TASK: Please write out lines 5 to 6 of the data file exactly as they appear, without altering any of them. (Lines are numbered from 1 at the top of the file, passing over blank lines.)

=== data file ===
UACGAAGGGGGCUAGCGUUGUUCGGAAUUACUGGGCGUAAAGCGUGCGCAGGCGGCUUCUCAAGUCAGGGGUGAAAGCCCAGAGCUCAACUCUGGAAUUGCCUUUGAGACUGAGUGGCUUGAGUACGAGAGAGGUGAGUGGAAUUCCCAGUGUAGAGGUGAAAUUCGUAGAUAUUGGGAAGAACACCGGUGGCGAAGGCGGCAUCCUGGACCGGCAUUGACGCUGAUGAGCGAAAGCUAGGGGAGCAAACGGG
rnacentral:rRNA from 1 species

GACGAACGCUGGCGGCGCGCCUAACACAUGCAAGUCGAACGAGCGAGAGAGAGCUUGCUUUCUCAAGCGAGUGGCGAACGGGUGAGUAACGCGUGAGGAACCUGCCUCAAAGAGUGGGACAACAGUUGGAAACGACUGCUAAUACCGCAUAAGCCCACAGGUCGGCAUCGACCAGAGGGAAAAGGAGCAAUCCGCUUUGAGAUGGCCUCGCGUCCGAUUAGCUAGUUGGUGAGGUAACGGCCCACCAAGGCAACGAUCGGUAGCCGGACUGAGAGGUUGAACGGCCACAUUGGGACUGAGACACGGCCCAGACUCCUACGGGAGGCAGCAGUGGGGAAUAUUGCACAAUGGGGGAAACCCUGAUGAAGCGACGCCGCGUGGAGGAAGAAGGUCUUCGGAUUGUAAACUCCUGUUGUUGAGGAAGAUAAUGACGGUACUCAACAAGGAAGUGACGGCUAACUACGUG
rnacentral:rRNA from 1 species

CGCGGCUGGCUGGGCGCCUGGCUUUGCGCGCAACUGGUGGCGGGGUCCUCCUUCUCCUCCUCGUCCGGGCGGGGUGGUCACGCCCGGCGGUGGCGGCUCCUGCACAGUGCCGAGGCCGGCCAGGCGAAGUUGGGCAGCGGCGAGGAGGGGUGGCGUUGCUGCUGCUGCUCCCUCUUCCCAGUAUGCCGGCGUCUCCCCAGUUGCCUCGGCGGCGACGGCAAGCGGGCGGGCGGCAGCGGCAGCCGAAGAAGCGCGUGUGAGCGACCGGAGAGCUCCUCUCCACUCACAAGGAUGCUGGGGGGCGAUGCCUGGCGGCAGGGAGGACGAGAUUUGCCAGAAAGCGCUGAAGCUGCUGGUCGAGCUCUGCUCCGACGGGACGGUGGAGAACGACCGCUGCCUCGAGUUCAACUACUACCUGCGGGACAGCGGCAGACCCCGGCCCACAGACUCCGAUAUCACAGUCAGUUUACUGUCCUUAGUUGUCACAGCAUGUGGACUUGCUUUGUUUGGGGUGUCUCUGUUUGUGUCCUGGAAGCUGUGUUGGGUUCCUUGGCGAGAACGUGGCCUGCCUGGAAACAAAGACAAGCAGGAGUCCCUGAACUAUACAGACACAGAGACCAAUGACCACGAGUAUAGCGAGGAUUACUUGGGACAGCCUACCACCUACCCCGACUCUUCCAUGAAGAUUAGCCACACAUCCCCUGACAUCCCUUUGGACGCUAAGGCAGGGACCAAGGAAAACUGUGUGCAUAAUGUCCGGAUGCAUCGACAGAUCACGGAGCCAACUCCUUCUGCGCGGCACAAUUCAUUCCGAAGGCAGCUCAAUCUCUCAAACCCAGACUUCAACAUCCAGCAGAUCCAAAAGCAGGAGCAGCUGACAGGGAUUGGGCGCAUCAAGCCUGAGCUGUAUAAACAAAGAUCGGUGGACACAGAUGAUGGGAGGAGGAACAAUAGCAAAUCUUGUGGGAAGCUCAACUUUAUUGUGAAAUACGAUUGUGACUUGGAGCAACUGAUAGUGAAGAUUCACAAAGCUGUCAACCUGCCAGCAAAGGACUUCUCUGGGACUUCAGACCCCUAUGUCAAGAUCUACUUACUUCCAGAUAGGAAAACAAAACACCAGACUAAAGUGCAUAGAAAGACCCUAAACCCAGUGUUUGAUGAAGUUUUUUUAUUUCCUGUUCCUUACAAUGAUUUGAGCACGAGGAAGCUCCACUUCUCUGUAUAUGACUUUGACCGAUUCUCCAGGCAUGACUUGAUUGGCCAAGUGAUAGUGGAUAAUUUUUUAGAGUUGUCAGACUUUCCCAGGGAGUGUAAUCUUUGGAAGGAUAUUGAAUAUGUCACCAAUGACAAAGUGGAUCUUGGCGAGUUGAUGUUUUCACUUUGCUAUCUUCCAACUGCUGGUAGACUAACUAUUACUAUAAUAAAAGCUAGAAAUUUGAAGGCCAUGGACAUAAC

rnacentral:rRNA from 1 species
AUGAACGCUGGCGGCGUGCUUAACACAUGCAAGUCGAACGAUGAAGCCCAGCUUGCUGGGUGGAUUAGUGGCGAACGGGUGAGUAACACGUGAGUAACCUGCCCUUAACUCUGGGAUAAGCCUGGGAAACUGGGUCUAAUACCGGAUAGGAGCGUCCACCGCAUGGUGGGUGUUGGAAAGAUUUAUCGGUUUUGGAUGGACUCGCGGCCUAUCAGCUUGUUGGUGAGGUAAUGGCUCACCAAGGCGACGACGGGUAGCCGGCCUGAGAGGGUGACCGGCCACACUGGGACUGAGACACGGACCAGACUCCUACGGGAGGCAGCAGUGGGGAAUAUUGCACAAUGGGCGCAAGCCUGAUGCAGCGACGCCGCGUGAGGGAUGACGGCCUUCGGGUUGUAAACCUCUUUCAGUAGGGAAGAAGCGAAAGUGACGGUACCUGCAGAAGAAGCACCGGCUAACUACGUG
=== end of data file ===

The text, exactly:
CGCGGCUGGCUGGGCGCCUGGCUUUGCGCGCAACUGGUGGCGGGGUCCUCCUUCUCCUCCUCGUCCGGGCGGGGUGGUCACGCCCGGCGGUGGCGGCUCCUGCACAGUGCCGAGGCCGGCCAGGCGAAGUUGGGCAGCGGCGAGGAGGGGUGGCGUUGCUGCUGCUGCUCCCUCUUCCCAGUAUGCCGGCGUCUCCCCAGUUGCCUCGGCGGCGACGGCAAGCGGGCGGGCGGCAGCGGCAGCCGAAGAAGCGCGUGUGAGCGACCGGAGAGCUCCUCUCCACUCACAAGGAUGCUGGGGGGCGAUGCCUGGCGGCAGGGAGGACGAGAUUUGCCAGAAAGCGCUGAAGCUGCUGGUCGAGCUCUGCUCCGACGGGACGGUGGAGAACGACCGCUGCCUCGAGUUCAACUACUACCUGCGGGACAGCGGCAGACCCCGGCCCACAGACUCCGAUAUCACAGUCAGUUUACUGUCCUUAGUUGUCACAGCAUGUGGACUUGCUUUGUUUGGGGUGUCUCUGUUUGUGUCCUGGAAGCUGUGUUGGGUUCCUUGGCGAGAACGUGGCCUGCCUGGAAACAAAGACAAGCAGGAGUCCCUGAACUAUACAGACACAGAGACCAAUGACCACGAGUAUAGCGAGGAUUACUUGGGACAGCCUACCACCUACCCCGACUCUUCCAUGAAGAUUAGCCACACAUCCCCUGACAUCCCUUUGGACGCUAAGGCAGGGACCAAGGAAAACUGUGUGCAUAAUGUCCGGAUGCAUCGACAGAUCACGGAGCCAACUCCUUCUGCGCGGCACAAUUCAUUCCGAAGGCAGCUCAAUCUCUCAAACCCAGACUUCAACAUCCAGCAGAUCCAAAAGCAGGAGCAGCUGACAGGGAUUGGGCGCAUCAAGCCUGAGCUGUAUAAACAAAGAUCGGUGGACACAGAUGAUGGGAGGAGGAACAAUAGCAAAUCUUGUGGGAAGCUCAACUUUAUUGUGAAAUACGAUUGUGACUUGGAGCAACUGAUAGUGAAGAUUCACAAAGCUGUCAACCUGCCAGCAAAGGACUUCUCUGGGACUUCAGACCCCUAUGUCAAGAUCUACUUACUUCCAGAUAGGAAAACAAAACACCAGACUAAAGUGCAUAGAAAGACCCUAAACCCAGUGUUUGAUGAAGUUUUUUUAUUUCCUGUUCCUUACAAUGAUUUGAGCACGAGGAAGCUCCACUUCUCUGUAUAUGACUUUGACCGAUUCUCCAGGCAUGACUUGAUUGGCCAAGUGAUAGUGGAUAAUUUUUUAGAGUUGUCAGACUUUCCCAGGGAGUGUAAUCUUUGGAAGGAUAUUGAAUAUGUCACCAAUGACAAAGUGGAUCUUGGCGAGUUGAUGUUUUCACUUUGCUAUCUUCCAACUGCUGGUAGACUAACUAUUACUAUAAUAAAAGCUAGAAAUUUGAAGGCCAUGGACAUAAC

rnacentral:rRNA from 1 species